Written by Dr. Abram Jimenez on July 27, 2017
There are reports that U.S. schools are dealing with yet another teacher shortage. It seems that many districts are facing the challenges of trying to fill classrooms with qualified teachers—with no easy fix in the horizon.
This is a significant shift from when teachers were being laid off 10 years ago, including the years after the recession. Teachers were being released from their teaching assignments due to reduction of force notices or pink slips. As a result, districts were forced to reduce new teacher hires, as well as educational support staff which resulted in higher class sizes (Huser, et. al., 2014).
As the economy has improved and educational funding has increased, teachers are now in serious demand. In the fall of 2015, thousands of teachers were hired to fill the need without necessarily being highly qualified. Many were educating students on emergency or temporary credentials.
In cases where schools could not fill vacant positions, they were forced to eliminate classes with with smaller class sizes, which resulted in increased student-to-teacher ratios. Short-term substitutes were called on to assume more full-time teaching positions. This issue is becoming problematic as districts and schools are continuing to focus on improvement without a stable group of teachers to lead the work necessary moving forward.
Why is There a Teacher Shortage?
In the case of Arizona, districts are experiencing a teacher shortage problem at a disproportionate rate, higher than that of any other state in the union. As a point of reference, during the first 90 days of school of the 2013-14 school year, 62% of districts had teacher vacancies (Arizona Dept. of Education, 2015).
To compound the issue, nearly 1,000 teachers were on substitute or emergency credentials. As a result, Arizona also has one of the highest teacher retention problems in the United States (Arizona Dept. of Education, 2015).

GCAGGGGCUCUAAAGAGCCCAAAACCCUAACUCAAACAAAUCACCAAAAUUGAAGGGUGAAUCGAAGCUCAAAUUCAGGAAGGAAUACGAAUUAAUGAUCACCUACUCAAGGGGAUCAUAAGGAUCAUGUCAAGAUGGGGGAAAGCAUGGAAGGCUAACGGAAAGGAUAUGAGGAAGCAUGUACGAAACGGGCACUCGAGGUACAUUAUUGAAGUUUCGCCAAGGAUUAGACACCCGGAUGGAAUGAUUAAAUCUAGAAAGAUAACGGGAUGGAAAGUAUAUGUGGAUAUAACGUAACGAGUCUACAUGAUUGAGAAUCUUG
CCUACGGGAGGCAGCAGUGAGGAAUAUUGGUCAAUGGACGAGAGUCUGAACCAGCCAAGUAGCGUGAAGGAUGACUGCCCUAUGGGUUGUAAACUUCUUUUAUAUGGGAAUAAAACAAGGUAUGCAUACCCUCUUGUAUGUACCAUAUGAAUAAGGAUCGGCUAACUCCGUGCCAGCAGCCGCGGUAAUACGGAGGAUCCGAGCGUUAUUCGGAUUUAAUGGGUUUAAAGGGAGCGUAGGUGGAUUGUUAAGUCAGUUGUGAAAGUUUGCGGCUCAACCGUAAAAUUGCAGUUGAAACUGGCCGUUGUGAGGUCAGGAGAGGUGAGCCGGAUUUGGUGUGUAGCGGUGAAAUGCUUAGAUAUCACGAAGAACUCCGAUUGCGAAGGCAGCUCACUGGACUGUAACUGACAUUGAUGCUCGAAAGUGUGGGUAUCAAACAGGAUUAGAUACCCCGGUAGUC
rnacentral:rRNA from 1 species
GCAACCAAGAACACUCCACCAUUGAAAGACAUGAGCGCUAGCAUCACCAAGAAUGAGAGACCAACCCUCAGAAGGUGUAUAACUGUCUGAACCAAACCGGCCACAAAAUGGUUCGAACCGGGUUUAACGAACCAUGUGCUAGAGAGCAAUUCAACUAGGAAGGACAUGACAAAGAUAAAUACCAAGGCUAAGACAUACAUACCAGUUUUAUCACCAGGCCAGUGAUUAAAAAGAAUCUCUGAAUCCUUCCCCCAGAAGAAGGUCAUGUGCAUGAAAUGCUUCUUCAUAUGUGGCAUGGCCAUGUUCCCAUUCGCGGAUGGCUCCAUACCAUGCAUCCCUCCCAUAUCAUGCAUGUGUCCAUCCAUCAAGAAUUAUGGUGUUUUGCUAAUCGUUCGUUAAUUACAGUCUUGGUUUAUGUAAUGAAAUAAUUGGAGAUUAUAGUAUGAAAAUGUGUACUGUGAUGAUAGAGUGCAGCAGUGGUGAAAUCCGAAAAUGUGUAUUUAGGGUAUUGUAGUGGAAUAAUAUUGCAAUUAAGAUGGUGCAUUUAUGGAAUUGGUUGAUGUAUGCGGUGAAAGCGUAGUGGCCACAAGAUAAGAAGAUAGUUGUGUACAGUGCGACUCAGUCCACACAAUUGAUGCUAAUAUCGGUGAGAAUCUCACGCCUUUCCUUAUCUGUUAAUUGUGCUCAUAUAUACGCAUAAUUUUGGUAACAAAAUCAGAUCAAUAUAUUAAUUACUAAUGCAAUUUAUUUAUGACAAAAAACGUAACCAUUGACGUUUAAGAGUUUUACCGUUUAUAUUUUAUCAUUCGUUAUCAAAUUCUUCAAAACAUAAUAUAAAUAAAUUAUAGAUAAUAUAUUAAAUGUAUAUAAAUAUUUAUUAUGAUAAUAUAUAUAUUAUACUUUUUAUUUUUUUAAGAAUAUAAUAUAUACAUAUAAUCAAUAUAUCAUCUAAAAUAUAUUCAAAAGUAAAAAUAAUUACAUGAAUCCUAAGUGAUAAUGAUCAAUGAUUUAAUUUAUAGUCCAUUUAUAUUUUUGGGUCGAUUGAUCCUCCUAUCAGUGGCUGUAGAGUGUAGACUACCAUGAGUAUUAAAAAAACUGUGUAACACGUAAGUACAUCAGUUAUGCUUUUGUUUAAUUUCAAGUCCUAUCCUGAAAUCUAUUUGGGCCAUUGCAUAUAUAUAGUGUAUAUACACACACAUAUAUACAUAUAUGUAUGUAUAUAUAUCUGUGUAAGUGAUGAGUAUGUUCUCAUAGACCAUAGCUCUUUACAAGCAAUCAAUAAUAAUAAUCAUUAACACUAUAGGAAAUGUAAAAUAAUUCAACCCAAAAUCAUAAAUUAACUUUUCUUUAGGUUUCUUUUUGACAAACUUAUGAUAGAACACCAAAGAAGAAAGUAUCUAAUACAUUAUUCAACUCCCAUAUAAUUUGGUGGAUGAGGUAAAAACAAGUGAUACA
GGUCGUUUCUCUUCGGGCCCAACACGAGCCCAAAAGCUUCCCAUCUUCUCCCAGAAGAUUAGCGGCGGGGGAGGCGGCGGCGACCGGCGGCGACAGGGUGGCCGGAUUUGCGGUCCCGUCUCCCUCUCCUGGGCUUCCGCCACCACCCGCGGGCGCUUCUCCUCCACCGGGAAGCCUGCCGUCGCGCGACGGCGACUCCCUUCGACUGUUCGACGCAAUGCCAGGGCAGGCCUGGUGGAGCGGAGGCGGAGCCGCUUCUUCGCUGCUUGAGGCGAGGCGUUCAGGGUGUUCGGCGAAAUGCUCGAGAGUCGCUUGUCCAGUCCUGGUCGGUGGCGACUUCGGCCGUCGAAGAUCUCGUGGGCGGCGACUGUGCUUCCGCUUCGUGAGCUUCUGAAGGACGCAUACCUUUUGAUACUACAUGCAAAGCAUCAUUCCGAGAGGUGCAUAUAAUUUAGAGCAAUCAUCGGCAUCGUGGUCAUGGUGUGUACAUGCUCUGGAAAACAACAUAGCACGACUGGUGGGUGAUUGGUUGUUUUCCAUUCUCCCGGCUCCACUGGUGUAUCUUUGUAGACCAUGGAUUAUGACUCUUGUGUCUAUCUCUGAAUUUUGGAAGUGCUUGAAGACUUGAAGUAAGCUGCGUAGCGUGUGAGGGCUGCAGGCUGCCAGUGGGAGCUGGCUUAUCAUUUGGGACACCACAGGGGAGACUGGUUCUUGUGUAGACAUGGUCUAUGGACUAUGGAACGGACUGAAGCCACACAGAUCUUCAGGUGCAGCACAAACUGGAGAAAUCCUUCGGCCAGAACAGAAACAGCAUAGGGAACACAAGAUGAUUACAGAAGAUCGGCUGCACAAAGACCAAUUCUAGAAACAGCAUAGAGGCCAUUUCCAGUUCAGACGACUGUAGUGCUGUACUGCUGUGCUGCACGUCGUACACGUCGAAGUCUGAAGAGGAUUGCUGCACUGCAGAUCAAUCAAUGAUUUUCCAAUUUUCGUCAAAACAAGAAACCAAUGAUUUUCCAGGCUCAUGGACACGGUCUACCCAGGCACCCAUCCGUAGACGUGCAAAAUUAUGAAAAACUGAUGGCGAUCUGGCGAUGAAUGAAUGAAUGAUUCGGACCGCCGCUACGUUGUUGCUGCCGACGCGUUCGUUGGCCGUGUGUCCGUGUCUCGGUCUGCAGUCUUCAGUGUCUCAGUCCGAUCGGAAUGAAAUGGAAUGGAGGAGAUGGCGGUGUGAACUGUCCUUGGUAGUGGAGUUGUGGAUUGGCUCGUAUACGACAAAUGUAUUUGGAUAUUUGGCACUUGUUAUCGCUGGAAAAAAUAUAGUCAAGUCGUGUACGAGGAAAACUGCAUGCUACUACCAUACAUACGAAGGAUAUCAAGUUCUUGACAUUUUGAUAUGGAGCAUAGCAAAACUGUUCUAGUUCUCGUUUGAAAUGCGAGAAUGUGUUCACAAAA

This retention issue should not be overlooked. It imposes a large burden on schools and students. If a teacher leaves, it’s clear that student success is negatively affected (Ronfeldt, et.al, 2013). If schools are struggling to hire teachers, a negative cycle occurs and is difficult to get out of. Most often, schools end up filling teaching positions with novice teachers who are typically prone to leaving the teaching profession at higher levels than more seasoned veterans.
The following are some of the main factors tied to teacher dissatisfaction, and ultimately, resignation:
Lack of Quality Preparation — Research suggests that teacher retention is associated with quality teacher preparation (Marinell, et. al., 2013). Teachers that receive a quality preparation program are 2 to 3 times more likely to remain in the profession as opposed to teachers that do not (Ingersoll, 2014). If teachers aren’t prepared to face the challenges of the diverse learning needs of students, they will become disenfranchised and seek options outside of the teaching profession.
Not Enough Pay — Individuals who choose to go into the teaching profession do so when they are paid competitively (Beteille, T., & Loeb, S., 2009). However, there is evidence that teacher pay is not competitive for those who remain in education long-term; in fact, it does not increase at the same rate as other professions.
In a study done by Boser and Straus (2014), it was discovered that there are states where 10-year veteran teachers are being paid lower than untrained or unskilled workers. Compounding the problem, teachers in 30 states that are heads of their family with four or more family members qualify for public assistance such as free or reduced lunch (Marinel, 2013). In the case of Arizona, teachers at the elementary and secondary level are paid amongst the lowest compared to other states when adjusted for the cost of living.
Poor Work Conditions — Teacher perceptions related to working conditions are integral to teacher retention, which can influence their decision to stay or exit the profession. Marinel found that positive working conditions related to teacher retention is positively impacted by the school’s administrative team and their overall support to educating students, while also heavily influenced by the quality of interactions with other teachers and having their voice being heard in important decisions as it pertains to the school.
Lack of Mentorship — Teachers who are thriving usually do not confine their success in the isolation of the classroom—they tend to work in meaningful teacher teams and collaborate about best practices. In a study conducted by Ingersoll and Strong, it was found that pairing novice teachers to veteran teachers in a mentorship relationship improved teacher retention.
But it’s not just any sort of “mentorship”; research does caution schools to ensure that the mentorship is purposeful and intentional. This means the mentorship should be based on teachers who teach the same subject, content area, or grade. Wang found that if mentorship is to accomplish its intended outcome, ongoing support is key. For example, if a mentor teacher is given a release period to coach a novice teacher, there are increases in both the novice pedagogical practice and ability to solve problems (Wang, et. al., 2008).
Four Ideas to Take to Your District